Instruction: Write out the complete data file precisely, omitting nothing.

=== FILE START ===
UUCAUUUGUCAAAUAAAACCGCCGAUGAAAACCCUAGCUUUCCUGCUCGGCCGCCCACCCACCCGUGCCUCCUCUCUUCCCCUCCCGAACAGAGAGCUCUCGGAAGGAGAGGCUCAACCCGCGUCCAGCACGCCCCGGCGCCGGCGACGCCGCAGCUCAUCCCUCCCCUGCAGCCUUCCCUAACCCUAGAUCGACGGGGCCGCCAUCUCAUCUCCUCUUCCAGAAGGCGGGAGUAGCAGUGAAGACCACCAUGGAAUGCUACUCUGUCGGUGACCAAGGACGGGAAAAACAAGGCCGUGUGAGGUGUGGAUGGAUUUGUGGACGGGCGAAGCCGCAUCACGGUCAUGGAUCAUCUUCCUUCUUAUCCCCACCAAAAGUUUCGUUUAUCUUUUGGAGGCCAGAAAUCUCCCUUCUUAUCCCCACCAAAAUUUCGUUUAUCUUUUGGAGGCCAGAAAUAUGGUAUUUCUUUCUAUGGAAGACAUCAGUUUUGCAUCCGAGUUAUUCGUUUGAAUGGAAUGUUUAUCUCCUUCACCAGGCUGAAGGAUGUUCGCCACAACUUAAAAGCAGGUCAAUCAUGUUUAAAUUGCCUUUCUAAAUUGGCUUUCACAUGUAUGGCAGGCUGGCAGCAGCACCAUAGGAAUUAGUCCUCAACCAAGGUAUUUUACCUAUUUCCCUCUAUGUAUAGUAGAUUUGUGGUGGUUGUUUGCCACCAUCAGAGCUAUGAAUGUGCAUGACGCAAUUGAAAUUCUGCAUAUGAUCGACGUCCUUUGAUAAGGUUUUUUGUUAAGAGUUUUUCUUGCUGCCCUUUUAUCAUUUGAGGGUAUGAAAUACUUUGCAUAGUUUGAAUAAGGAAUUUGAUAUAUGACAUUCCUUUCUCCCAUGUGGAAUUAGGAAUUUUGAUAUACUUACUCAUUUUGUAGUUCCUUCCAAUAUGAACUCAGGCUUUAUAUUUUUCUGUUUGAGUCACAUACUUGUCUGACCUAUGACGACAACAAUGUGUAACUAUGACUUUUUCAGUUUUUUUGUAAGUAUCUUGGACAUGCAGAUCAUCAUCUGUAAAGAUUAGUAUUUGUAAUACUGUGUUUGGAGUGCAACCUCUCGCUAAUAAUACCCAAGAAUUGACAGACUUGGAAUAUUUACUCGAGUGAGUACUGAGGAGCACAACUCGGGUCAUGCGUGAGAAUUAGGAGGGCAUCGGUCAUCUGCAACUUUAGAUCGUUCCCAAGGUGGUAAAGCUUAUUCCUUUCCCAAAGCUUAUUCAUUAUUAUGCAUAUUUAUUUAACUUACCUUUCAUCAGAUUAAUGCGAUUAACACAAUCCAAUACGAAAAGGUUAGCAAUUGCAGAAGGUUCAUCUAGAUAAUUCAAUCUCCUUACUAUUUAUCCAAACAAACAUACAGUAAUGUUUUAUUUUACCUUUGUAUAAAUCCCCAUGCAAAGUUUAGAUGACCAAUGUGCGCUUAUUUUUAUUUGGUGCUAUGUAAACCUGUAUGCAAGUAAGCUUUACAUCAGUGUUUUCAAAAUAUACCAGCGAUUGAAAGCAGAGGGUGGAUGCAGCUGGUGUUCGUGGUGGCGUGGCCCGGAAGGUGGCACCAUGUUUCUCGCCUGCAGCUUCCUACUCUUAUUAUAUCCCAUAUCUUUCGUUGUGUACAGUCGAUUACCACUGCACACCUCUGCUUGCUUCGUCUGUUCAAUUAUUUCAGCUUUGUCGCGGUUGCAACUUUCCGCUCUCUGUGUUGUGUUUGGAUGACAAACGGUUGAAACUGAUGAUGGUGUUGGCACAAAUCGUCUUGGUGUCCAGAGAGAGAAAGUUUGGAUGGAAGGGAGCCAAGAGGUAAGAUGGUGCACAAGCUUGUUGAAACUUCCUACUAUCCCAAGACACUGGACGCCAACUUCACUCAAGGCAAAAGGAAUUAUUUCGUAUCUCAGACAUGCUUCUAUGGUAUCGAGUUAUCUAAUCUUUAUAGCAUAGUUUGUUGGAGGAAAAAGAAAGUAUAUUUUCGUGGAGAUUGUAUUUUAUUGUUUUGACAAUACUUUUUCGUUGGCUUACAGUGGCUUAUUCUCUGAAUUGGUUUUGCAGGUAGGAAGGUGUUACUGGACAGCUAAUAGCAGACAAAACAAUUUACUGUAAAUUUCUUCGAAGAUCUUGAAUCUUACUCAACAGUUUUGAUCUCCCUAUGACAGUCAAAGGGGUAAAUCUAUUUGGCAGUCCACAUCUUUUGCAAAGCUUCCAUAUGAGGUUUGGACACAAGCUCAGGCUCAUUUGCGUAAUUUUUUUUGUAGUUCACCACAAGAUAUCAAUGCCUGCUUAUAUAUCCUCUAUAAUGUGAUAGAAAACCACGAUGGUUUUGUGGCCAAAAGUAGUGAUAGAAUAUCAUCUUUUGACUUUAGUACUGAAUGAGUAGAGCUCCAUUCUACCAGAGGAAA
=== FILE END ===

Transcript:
UUCAUUUGUCAAAUAAAACCGCCGAUGAAAACCCUAGCUUUCCUGCUCGGCCGCCCACCCACCCGUGCCUCCUCUCUUCCCCUCCCGAACAGAGAGCUCUCGGAAGGAGAGGCUCAACCCGCGUCCAGCACGCCCCGGCGCCGGCGACGCCGCAGCUCAUCCCUCCCCUGCAGCCUUCCCUAACCCUAGAUCGACGGGGCCGCCAUCUCAUCUCCUCUUCCAGAAGGCGGGAGUAGCAGUGAAGACCACCAUGGAAUGCUACUCUGUCGGUGACCAAGGACGGGAAAAACAAGGCCGUGUGAGGUGUGGAUGGAUUUGUGGACGGGCGAAGCCGCAUCACGGUCAUGGAUCAUCUUCCUUCUUAUCCCCACCAAAAGUUUCGUUUAUCUUUUGGAGGCCAGAAAUCUCCCUUCUUAUCCCCACCAAAAUUUCGUUUAUCUUUUGGAGGCCAGAAAUAUGGUAUUUCUUUCUAUGGAAGACAUCAGUUUUGCAUCCGAGUUAUUCGUUUGAAUGGAAUGUUUAUCUCCUUCACCAGGCUGAAGGAUGUUCGCCACAACUUAAAAGCAGGUCAAUCAUGUUUAAAUUGCCUUUCUAAAUUGGCUUUCACAUGUAUGGCAGGCUGGCAGCAGCACCAUAGGAAUUAGUCCUCAACCAAGGUAUUUUACCUAUUUCCCUCUAUGUAUAGUAGAUUUGUGGUGGUUGUUUGCCACCAUCAGAGCUAUGAAUGUGCAUGACGCAAUUGAAAUUCUGCAUAUGAUCGACGUCCUUUGAUAAGGUUUUUUGUUAAGAGUUUUUCUUGCUGCCCUUUUAUCAUUUGAGGGUAUGAAAUACUUUGCAUAGUUUGAAUAAGGAAUUUGAUAUAUGACAUUCCUUUCUCCCAUGUGGAAUUAGGAAUUUUGAUAUACUUACUCAUUUUGUAGUUCCUUCCAAUAUGAACUCAGGCUUUAUAUUUUUCUGUUUGAGUCACAUACUUGUCUGACCUAUGACGACAACAAUGUGUAACUAUGACUUUUUCAGUUUUUUUGUAAGUAUCUUGGACAUGCAGAUCAUCAUCUGUAAAGAUUAGUAUUUGUAAUACUGUGUUUGGAGUGCAACCUCUCGCUAAUAAUACCCAAGAAUUGACAGACUUGGAAUAUUUACUCGAGUGAGUACUGAGGAGCACAACUCGGGUCAUGCGUGAGAAUUAGGAGGGCAUCGGUCAUCUGCAACUUUAGAUCGUUCCCAAGGUGGUAAAGCUUAUUCCUUUCCCAAAGCUUAUUCAUUAUUAUGCAUAUUUAUUUAACUUACCUUUCAUCAGAUUAAUGCGAUUAACACAAUCCAAUACGAAAAGGUUAGCAAUUGCAGAAGGUUCAUCUAGAUAAUUCAAUCUCCUUACUAUUUAUCCAAACAAACAUACAGUAAUGUUUUAUUUUACCUUUGUAUAAAUCCCCAUGCAAAGUUUAGAUGACCAAUGUGCGCUUAUUUUUAUUUGGUGCUAUGUAAACCUGUAUGCAAGUAAGCUUUACAUCAGUGUUUUCAAAAUAUACCAGCGAUUGAAAGCAGAGGGUGGAUGCAGCUGGUGUUCGUGGUGGCGUGGCCCGGAAGGUGGCACCAUGUUUCUCGCCUGCAGCUUCCUACUCUUAUUAUAUCCCAUAUCUUUCGUUGUGUACAGUCGAUUACCACUGCACACCUCUGCUUGCUUCGUCUGUUCAAUUAUUUCAGCUUUGUCGCGGUUGCAACUUUCCGCUCUCUGUGUUGUGUUUGGAUGACAAACGGUUGAAACUGAUGAUGGUGUUGGCACAAAUCGUCUUGGUGUCCAGAGAGAGAAAGUUUGGAUGGAAGGGAGCCAAGAGGUAAGAUGGUGCACAAGCUUGUUGAAACUUCCUACUAUCCCAAGACACUGGACGCCAACUUCACUCAAGGCAAAAGGAAUUAUUUCGUAUCUCAGACAUGCUUCUAUGGUAUCGAGUUAUCUAAUCUUUAUAGCAUAGUUUGUUGGAGGAAAAAGAAAGUAUAUUUUCGUGGAGAUUGUAUUUUAUUGUUUUGACAAUACUUUUUCGUUGGCUUACAGUGGCUUAUUCUCUGAAUUGGUUUUGCAGGUAGGAAGGUGUUACUGGACAGCUAAUAGCAGACAAAACAAUUUACUGUAAAUUUCUUCGAAGAUCUUGAAUCUUACUCAACAGUUUUGAUCUCCCUAUGACAGUCAAAGGGGUAAAUCUAUUUGGCAGUCCACAUCUUUUGCAAAGCUUCCAUAUGAGGUUUGGACACAAGCUCAGGCUCAUUUGCGUAAUUUUUUUUGUAGUUCACCACAAGAUAUCAAUGCCUGCUUAUAUAUCCUCUAUAAUGUGAUAGAAAACCACGAUGGUUUUGUGGCCAAAAGUAGUGAUAGAAUAUCAUCUUUUGACUUUAGUACUGAAUGAGUAGAGCUCCAUUCUACCAGAGGAAA